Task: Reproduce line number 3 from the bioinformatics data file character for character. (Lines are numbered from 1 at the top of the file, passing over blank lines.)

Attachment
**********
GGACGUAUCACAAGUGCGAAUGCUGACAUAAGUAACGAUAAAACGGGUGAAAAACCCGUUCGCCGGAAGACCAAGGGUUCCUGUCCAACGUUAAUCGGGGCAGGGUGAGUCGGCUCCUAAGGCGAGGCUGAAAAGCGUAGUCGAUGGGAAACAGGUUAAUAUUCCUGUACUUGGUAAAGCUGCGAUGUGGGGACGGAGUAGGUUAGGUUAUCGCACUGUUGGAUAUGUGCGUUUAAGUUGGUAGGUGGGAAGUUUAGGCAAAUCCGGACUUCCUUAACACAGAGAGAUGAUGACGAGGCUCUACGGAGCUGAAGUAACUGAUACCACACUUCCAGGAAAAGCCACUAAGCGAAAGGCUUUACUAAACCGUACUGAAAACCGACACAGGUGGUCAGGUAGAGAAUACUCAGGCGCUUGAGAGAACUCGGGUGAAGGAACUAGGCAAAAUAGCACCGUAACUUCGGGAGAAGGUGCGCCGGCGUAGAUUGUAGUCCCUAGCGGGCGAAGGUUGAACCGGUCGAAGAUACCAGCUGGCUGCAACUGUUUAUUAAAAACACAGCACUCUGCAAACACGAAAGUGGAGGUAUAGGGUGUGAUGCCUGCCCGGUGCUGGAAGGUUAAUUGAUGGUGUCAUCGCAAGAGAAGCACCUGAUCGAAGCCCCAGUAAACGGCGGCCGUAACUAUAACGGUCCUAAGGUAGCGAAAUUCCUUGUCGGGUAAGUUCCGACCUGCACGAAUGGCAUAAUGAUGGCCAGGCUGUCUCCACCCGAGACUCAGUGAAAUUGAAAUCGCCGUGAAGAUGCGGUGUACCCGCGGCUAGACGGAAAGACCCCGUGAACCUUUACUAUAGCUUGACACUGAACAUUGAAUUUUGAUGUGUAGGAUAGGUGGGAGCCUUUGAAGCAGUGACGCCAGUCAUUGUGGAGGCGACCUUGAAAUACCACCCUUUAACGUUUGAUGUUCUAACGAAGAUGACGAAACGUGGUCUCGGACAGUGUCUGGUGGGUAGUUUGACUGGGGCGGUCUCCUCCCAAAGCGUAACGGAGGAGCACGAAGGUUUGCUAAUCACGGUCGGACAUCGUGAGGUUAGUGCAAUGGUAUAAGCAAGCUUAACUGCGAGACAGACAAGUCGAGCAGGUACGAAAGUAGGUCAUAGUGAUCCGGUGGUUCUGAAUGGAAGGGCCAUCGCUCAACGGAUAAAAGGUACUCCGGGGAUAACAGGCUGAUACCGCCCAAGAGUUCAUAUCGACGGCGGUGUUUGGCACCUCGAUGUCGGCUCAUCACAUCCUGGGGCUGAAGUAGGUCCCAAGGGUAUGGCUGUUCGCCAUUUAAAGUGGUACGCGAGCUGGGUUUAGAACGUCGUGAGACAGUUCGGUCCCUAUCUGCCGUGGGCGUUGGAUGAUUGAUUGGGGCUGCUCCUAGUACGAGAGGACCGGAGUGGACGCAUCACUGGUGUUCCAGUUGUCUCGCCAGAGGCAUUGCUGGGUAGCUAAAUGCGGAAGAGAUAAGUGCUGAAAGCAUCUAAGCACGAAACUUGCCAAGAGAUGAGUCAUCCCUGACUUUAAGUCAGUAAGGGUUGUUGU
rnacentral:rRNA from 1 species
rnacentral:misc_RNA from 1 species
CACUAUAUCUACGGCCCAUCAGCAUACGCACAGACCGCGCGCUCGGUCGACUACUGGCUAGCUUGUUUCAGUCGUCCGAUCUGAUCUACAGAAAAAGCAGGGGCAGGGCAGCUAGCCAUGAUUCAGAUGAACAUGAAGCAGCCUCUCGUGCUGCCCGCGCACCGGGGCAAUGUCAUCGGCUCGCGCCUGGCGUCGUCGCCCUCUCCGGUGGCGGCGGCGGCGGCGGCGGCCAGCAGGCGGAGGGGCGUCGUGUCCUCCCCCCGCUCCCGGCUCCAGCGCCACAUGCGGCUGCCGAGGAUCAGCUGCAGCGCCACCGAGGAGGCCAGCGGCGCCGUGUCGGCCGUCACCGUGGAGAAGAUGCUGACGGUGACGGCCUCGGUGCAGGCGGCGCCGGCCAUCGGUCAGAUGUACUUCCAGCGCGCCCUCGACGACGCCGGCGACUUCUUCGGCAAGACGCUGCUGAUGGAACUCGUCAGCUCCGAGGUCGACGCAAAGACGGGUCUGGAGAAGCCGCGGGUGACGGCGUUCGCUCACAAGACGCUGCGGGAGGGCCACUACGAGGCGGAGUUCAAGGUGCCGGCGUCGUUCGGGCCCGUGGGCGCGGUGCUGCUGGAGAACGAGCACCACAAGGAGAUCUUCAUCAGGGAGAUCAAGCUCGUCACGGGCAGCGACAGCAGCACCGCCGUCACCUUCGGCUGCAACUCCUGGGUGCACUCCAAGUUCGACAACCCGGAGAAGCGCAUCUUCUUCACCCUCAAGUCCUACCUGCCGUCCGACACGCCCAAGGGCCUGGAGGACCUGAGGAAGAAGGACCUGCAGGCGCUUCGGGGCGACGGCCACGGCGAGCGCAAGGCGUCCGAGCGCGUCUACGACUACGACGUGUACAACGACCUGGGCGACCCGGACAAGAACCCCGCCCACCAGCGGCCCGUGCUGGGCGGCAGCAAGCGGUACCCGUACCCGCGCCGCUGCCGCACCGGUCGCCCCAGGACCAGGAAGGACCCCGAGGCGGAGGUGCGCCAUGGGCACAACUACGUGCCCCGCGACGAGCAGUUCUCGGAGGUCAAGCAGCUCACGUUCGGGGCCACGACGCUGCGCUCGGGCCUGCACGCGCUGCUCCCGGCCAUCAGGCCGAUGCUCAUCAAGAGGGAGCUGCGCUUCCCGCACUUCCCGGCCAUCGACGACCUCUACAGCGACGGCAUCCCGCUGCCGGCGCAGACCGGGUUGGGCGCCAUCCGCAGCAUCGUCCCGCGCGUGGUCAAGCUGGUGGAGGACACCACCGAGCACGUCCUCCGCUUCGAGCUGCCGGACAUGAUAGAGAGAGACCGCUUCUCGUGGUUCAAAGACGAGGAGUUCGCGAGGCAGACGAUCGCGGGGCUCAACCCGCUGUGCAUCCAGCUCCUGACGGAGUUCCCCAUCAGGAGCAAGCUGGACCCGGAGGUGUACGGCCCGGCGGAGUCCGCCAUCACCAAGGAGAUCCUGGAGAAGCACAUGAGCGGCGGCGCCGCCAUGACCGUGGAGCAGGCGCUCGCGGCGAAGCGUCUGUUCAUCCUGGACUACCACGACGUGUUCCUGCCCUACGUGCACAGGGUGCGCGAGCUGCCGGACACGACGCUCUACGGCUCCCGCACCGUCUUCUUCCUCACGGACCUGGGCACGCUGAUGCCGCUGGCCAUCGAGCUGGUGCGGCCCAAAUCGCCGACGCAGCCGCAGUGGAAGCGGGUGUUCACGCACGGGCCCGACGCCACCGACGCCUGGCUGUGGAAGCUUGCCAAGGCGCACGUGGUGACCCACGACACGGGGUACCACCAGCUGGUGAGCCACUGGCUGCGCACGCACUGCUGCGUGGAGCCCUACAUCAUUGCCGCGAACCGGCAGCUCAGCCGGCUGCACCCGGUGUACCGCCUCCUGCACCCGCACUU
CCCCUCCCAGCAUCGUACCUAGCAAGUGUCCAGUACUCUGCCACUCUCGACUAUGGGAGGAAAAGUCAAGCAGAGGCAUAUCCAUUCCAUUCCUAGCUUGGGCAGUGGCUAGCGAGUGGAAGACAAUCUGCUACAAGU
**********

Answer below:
rnacentral:misc_RNA from 1 species